When the interfacial surface between the two phases passed the specific measurement point, the expected disturbance of the signal was observed (e.g. signals close to 1.5, 3.7 and 5.3 seconds for the case shown in Fig. 7). They are due to the diffraction of the probe beam by the refractive index gradients caused by the curved interface between the solvents when a slug is entering or exiting the detection point. To exclude the effects of these disturbances on the determined concentration ratio, only signals from the plateau regions (0.5 s and 1 s time span for the droplet and the continuous phase, respectively, as delineated by the squares in Fig. 7) were averaged and taken into consideration.


image file: c4lc01460j-f7.tif
Fig. 7 Example of time dependent TLM signals measured at location P3 in the middle of the capillary for Taylor flow (azobenzene in methanol as the dispersed phase, n-octane as the continuous phase) with indicated disturbances by diffraction at the droplet/slug interfaces. Squares indicate the unperturbed signals taken for averaging. Higher signals correspond to droplets, lower signals to the continuous phase.

The average signals were normalized by the normalization factor (determined as described in the experimental section) to compensate for the differences in the optothermal properties of the two solvents, which result in different thermal lens enhancement factors, and are in turn reflected in different TLM signals for the same analyte concentration in different solvents.33,34 The value of normalization factor was 1.72, which is in good agreement with the theoretical value of 1.86 (found by dividing ((∂n/∂T)/k) ratios for n-octane and methanol).

Fig. 7 furthermore confirms that Taylor flows in combination with TLM can be used in chemical analysis based on liquid–liquid microextraction and derivatization to perform a microfluidic flow injection analysis where the reagents are dissolved in a continuous phase and analyte is extracted from the sample (dispersed phase). Such an approach provides much higher sample throughput compared to continuous parallel microfluidic flows, which were applied earlier.26

None of the model parameters, like the diffusion coefficients of the solute in both phases and partitioning coefficient, were used as fitting parameters, so the proposed model can be defined as validated online due to the good agreement between the model predictions and the online measurements. Moreover, the results show that the theoretical description of the transport phenomena for many chemical and biochemical processes in microfluidics multiphase flows can be described and predicted by macroscale simulation techniques based on the continuum approximation. However, the convection and the diffusion in all spatial directions along with the velocity profile have to be incorporated in the mathematical model to depict the governing transport characteristics of multiphase microfluidics.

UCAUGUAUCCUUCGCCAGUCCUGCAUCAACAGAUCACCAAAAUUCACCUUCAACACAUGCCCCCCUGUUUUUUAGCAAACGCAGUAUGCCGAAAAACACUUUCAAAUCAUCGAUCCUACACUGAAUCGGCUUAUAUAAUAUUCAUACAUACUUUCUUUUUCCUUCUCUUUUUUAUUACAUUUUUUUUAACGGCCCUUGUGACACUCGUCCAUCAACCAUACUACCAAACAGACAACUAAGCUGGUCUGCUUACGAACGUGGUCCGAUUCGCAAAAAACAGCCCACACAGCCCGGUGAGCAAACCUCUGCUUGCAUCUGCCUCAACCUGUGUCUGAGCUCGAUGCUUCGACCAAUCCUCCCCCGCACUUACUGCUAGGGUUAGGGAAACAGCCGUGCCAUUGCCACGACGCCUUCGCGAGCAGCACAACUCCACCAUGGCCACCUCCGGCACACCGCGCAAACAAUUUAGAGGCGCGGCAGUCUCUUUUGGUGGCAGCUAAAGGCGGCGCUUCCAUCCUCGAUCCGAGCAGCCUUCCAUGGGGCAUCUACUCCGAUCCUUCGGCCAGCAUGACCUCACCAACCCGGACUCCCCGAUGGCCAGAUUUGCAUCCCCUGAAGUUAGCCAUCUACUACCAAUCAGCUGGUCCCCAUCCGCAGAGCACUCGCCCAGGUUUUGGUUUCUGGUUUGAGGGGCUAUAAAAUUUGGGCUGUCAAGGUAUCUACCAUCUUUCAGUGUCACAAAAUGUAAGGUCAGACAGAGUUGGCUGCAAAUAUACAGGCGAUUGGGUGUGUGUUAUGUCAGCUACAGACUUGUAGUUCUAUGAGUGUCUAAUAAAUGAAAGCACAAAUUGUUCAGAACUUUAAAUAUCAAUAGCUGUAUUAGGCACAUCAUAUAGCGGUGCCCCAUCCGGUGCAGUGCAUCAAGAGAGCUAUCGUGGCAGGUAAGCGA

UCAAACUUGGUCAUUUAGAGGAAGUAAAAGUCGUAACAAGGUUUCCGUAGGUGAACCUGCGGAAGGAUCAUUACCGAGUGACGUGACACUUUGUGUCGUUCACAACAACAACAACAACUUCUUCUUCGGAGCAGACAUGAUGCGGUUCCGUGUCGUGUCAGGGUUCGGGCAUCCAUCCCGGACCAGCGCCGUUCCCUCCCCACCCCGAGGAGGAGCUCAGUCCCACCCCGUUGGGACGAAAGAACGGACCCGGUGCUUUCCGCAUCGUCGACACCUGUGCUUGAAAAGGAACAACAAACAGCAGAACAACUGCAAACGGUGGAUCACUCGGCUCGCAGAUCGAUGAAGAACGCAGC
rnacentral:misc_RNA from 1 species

Conclusions

A 3D mathematical model, incorporating convection and diffusion in all spatial directions along with the velocity profile, was developed to describe droplet-based liquid–liquid extraction in a microchannel. The model was verified by numerical analysis and validated by online monitoring of the relative solute concentration profiles in two phases within the microchannel. The thermal lens microscopic (TLM) technique coupled with a microfluidic system was used to obtain reliable experimental data with high spatial resolution at different positions inside the microchannel during the studied extraction process in a Taylor flow. The macroscale FE simulation technique based on the continuum approximation was applied to find the numerical solutions of the proposed model, and very good agreement between model calculations and online experimental data was achieved without applying any fitting procedure to the model parameters. Compared to previous reports on TLM in studies of molecular transport, the application of TLM described in this work represents an important step towards studies of microscale molecular processes in complex microfluidic systems, which can in turn serve as an important step for improvement of the selectivity in analytical applications of TLM.

The understanding of the fundamental mechanisms involved in fluid flow characteristics at the micro scale is essential since their behaviour affects the transport phenomena and microfluidic applications. Therefore, over-simplifications in the theoretical description of the processes in microflow systems, especially in the cases of complex multi-phase flow patterns, can lead to false predictions in later design and optimization procedures.

Acknowledgements

Financial support by the EU FP7 project BIOINTENSE (grant agreement no. 312148) together with the financial support of the Ministry of Education, Science and Sport of the Republic of Slovenia through grants P2-0191 and P1-0034 is acknowledged.

Notes and references